It is no secret that exercise is good for our bodies. We’ve been told this fact over and over again by parents, doctors, psychiatrists, and more. Exercise keeps our muscles strong, our hearts healthy, and can prevent diseases like high blood pressure, diabetes, and arthritis. But did you know that simply moving your body for 30 minutes per day has immediate and protective benefits in the brain that can help people who are suffering from psychiatric disorders?
Plain and simple, the last thing that most people suffering from psychiatric disorders want to do is get their bodies moving. Many times, people who are suffering from anxiety or depression are told it’s important to get outside and walk. It’s true—fresh air and taking a walk can help to reduce symptoms of psychiatric disorders, but getting that exercise has positive neurological effects that people may not realize.
Exercise’s Effects on the Brain
Working out regularly can, in fact, change brain biology. A molecule by the name of brain-derived neurotrophic factor (BDNF) helps the brain to produce neurons. It has been shown that aerobic exercise (or exercise that increases heart rate) can have a positive impact on BDNF levels. In addition, regular exercise has anti-inflammatory effects, which is important, because emerging research proves there to be a link between anxiety, depression, and inflammation. If that’s not enough, a single workout can increase neurotransmitters such as dopamine, serotonin, and norepinephrine. All of these neurotransmitters help to regulate and elevate mood. A study even found that exercise may be an effective depression treatment even without the use of psychotherapy.
Exercise also positively affects your prefrontal cortex and your hippocampus, which can help combat anxiety and depression. Your prefrontal cortex is responsible for your personality, your focus, and your decision-making. Your hippocampus helps you to form new long-term memories, as well as connect emotions to memories. Patients with depression show lower levels of activity in the prefrontal cortex compares to their non-depressed counterparts. Similarly, people who suffer from depression have a smaller hippocampus. The more you work out, the bigger and strong your prefrontal cortex and hippocampus get.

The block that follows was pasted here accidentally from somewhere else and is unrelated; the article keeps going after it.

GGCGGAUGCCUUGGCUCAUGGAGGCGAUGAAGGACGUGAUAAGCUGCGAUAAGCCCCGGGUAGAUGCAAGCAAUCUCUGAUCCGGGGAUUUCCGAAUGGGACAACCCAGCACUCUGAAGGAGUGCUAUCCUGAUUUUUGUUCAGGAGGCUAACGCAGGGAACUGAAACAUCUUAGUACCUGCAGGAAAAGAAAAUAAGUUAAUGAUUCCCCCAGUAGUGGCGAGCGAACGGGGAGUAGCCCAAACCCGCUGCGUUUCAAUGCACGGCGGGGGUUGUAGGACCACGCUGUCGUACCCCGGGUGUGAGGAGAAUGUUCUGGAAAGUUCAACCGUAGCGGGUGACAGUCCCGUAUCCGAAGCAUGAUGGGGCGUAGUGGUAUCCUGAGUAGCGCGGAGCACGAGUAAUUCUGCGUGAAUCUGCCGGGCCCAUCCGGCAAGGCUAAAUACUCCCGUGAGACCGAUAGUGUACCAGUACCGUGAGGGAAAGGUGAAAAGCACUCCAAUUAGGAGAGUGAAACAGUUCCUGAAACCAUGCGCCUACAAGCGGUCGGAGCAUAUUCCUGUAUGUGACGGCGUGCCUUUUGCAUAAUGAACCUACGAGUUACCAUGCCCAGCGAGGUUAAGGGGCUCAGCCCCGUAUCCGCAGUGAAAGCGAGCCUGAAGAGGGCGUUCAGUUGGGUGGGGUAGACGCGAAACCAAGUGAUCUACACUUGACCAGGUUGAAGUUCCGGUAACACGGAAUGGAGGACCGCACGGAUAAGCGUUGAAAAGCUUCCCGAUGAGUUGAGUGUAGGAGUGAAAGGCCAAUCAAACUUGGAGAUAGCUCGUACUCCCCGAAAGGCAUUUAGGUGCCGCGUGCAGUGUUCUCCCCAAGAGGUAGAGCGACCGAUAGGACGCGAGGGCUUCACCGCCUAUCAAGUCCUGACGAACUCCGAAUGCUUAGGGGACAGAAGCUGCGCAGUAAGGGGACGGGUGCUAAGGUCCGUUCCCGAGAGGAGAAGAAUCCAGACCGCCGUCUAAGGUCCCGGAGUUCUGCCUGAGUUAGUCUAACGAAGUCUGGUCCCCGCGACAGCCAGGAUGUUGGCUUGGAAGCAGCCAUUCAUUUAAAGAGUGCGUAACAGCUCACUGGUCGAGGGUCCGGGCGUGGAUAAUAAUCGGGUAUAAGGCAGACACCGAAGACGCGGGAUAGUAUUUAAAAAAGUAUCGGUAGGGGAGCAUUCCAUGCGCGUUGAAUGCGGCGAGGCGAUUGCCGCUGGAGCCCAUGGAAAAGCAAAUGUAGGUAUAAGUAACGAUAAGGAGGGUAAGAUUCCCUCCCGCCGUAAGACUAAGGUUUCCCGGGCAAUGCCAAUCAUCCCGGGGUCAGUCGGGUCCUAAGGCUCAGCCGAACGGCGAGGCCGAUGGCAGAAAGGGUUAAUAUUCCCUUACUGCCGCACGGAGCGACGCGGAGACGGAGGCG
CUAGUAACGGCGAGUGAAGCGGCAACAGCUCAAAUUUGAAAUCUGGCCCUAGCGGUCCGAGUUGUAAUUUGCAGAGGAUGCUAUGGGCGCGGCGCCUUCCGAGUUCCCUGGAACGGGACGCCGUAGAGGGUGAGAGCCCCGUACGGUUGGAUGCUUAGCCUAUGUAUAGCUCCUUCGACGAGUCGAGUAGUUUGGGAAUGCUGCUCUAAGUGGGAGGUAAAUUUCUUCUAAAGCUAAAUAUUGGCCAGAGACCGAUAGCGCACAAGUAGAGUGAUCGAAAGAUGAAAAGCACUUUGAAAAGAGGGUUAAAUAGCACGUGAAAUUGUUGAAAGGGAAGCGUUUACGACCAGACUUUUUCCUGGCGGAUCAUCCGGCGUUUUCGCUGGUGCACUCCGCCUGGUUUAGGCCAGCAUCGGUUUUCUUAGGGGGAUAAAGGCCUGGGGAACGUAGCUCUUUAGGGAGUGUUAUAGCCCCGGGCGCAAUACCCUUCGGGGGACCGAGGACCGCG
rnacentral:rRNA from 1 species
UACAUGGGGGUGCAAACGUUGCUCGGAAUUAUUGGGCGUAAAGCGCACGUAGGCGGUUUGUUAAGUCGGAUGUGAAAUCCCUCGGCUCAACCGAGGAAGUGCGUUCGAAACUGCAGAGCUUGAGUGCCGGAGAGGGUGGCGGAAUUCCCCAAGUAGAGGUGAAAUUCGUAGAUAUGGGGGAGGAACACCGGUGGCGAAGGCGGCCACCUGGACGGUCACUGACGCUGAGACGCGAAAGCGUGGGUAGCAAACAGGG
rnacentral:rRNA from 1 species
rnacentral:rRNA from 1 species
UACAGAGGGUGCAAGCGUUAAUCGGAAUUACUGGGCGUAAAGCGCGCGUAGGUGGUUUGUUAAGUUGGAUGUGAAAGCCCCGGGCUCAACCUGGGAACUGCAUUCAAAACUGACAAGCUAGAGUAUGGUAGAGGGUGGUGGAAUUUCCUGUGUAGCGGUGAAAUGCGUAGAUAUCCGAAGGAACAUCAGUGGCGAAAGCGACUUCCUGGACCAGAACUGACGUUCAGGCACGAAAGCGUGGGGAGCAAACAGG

How to Integrate Exercise into Your Day
You don’t have to sign up for a gym membership to get the proper amount of exercise per day, although that is one route to go. Getting 30 minutes of aerobic exercise three to four times a week may sound overwhelming, but it can be broken down throughout the day to make it more manageable. Here are some tips to get your heart rate up.
- Choose the staircase over the elevator.
- Walk an extra lap around the block.
- Strive for two fifteen-minute workouts a day.
- Walk or bike to work.
- Spend half an hour on some household chores.
- Go for a hike.
- Do 50 jumping Jax during commercial breaks while watching tv.
Exercise vs. Psychiatric Medications
When we think of traditional psychiatric medication for depression and anxiety, we typically think of SSRIs and SNRIs. After all, these are generally considered the first line of defense against mental illness. When we consider that SSRI and SNRI stand for serotonin reuptake inhibitor and serotonin-norepinephrine reuptake inhibitor, we see that serotonin and norepinephrine are two of the neurotransmitters that are naturally increased through exercise. While exercise may not replace psychotherapy and medication, it can work in conjunction with it to create a more comprehensive treatment plan.
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